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Film Dunce: Evil Dead 2

Film Dunce: Evil Dead 2

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Film Dunce is a weekly series in which one of our writers finally succumbs to the lure of a movie that has long been a big part of our culture that they have never seen. Seen through fresh eyes, we evaluate, enjoy and sometimes get bored by these titans of mental real estate.

Evil Dead II for me was always one of those films, like, say Monty Python and the Holy Grail, that was considered a cultural touchstone, if not the precious intellectual property owned by the kind of adolescent males whom insisted on still wearing trench coats to school in the aftermath of Columbine. With that kind of personal connotation attached to the film for me, I figured, “They can have it.”

Indeed, the 1987 film by Sam Raimi is the kind that welcomes and spoils the viewer that gets it and makes absolutely no allowances for anyone else. Evil Dead II, should be considered in many respects Evil Dead 2.0, as Raimi basically retold the same story, albeit with a bigger budget, thanks to mega-producer Dino De Laurentiis whom was talked into taking an interest in the young filmmaker via a conversation with Stephen King.

Ash, played by Raimi’s go-to actor, Bruce Campbell, takes a girlfriend to what he promises is an abandoned cabin for a weekend getaway. Wouldn’t you know it, the cabin was occupied up until recently by a scholar studying the incantation-filled Necronomicon, which Ash discovers after he’s listened to the man’s tape recorder, inadvertently letting loose some of the incantations in the book that summon all manner of evils to the cabin. Ash’s ladyfriend doesn’t last long, and the next thing you know, the first half of Evil Dead II stands as a kind of cinematic interpretation of a commercial haunted house. Among the things the constantly-mugging, frequently one-lining Ash must deal with are: a headless, chainsaw-wielding zombie Muppet of sorts, cabin knickknacks and mounted animal heads mocking him, a malevolent force that pursues him through the forest at breakneck speed and the eventual possession and self-amputation of his own hand, which of course, ends up attacking him.

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There isn’t much of a plot to speak of in Evil Dead II beyond this; if you must know, the professor’s daughter and acquaintance show up with the missing, reverse incantation-containing Necronomicon pages, some good-for-nothing hillbillies get involved and a hideous, bloated, zombified, middle-aged woman gives the surviving characters a bunch of hell from her imprisonment in the cabin’s fruit cellar. The incantations get recited – halfway – and Ash is sucked through a portal into the Necronomicon’s authorial period – the Middle Ages – thus setting up the Army of Darkness sequel. But to quibble with lack of plot development is to miss the movie’s point; Raimi would eventually be the man behind 1990’s Darkman, an incredible translation of superhero comics to film storyboarding, and he would also be the director of the successful Spider-Man franchise years after that. Evil Dead II is the blossoming of Raimi’s abilities as a visual storyteller, containing his trademarks – intense close-up images that begin pulling in from far, far away, phantasmagoric montages, actors chewing scenery – that plant the film firmly in the realm of comic book-style fun; no one in their right minds would mistake a cheeseburger like Evil Dead II for caviar.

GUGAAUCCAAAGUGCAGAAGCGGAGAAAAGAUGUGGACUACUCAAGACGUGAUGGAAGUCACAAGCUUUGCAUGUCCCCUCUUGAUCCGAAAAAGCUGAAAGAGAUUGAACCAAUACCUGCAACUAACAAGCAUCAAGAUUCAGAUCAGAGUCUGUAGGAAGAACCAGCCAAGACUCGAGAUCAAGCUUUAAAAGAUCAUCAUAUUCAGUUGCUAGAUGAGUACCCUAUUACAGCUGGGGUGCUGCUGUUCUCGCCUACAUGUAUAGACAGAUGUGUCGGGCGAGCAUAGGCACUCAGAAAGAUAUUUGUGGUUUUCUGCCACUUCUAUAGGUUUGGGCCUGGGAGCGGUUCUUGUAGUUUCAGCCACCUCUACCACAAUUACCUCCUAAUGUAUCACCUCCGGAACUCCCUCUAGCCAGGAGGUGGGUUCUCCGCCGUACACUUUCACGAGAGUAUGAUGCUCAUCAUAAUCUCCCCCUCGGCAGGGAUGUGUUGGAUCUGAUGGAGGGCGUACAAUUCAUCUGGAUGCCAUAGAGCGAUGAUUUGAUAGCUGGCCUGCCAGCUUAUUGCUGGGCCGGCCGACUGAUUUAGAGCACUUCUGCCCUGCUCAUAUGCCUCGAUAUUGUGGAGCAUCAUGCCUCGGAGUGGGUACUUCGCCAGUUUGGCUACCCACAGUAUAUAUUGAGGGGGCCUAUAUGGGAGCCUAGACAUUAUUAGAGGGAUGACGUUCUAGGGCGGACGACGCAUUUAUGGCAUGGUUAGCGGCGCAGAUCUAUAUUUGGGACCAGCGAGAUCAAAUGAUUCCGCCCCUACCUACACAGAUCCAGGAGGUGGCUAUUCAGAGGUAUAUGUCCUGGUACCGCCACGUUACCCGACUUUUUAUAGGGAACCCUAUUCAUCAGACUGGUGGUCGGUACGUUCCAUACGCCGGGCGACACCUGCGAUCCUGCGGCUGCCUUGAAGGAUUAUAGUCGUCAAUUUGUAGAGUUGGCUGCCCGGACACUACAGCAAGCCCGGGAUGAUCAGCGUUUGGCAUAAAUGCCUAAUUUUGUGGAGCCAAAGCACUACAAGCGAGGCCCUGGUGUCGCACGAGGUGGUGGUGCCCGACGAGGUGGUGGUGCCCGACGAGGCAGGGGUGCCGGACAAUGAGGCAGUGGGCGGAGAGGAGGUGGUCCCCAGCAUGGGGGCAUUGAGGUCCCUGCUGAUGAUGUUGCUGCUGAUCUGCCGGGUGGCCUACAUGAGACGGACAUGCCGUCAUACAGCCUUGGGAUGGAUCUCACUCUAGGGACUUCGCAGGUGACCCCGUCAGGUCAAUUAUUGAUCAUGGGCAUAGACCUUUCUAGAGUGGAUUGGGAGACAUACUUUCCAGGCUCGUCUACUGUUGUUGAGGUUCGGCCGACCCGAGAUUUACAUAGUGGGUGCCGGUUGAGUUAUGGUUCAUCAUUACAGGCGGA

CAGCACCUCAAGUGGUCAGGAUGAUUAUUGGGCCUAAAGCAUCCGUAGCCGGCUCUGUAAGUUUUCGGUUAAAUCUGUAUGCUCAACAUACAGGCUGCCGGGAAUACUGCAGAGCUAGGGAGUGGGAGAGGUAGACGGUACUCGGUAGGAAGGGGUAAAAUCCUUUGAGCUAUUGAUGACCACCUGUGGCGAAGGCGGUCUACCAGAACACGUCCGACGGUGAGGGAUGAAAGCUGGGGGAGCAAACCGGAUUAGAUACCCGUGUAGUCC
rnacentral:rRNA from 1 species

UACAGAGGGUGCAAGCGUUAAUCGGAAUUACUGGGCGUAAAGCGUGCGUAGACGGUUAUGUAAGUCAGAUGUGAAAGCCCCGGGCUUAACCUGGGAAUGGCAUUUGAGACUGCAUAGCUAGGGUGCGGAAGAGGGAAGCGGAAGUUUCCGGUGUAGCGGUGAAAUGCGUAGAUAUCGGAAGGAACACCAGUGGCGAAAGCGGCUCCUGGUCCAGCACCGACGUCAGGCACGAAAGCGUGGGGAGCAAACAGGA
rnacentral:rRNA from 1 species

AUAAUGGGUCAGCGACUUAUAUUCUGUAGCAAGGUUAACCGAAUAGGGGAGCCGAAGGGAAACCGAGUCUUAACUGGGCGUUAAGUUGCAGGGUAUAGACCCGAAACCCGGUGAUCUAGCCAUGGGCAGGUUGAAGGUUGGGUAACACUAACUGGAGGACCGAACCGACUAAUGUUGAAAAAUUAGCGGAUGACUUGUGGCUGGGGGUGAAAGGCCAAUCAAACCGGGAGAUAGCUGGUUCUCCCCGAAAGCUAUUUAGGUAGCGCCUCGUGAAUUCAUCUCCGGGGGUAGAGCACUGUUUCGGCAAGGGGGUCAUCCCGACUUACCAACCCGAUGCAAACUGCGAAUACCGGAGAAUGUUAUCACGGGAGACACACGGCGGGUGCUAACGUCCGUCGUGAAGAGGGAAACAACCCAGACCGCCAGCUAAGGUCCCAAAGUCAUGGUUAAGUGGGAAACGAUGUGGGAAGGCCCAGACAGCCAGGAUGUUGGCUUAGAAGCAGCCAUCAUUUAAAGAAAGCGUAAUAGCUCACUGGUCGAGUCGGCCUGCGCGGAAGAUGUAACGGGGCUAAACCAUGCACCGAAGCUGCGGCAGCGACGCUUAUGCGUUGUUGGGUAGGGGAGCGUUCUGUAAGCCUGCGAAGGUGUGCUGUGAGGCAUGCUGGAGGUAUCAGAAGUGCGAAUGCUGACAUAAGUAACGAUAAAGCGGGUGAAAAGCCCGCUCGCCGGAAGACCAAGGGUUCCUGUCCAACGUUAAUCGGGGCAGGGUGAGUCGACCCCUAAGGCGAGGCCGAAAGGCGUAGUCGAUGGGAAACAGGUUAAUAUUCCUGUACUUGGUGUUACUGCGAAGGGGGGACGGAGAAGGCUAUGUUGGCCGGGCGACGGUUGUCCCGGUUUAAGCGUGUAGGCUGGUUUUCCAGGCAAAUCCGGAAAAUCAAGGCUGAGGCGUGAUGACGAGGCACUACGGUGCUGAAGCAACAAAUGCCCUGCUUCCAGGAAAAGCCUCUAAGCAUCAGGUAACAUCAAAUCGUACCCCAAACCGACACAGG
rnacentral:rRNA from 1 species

It’s also here that comedy movies specializing in a witty, knowing appreciation of the horror genre were likely born; films such as Shaun of the Dead or Zombieland might have gotten made were it not for Raimi’s success – cult or otherwise – but it’s unlikely that they would’ve connected so well with an audience eagerly awaiting the films. While I continue to be the kind of miserablist who doesn’t want peanut butter-comedy in my horror movie-chocolate, it’s Raimi’s flair and unique vision as a visual artist that made Evil Dead II a fun Saturday afternoon flick. For me, it’s less a horror movie and more a popcorn movie for those not afraid of a little self-mutilation.

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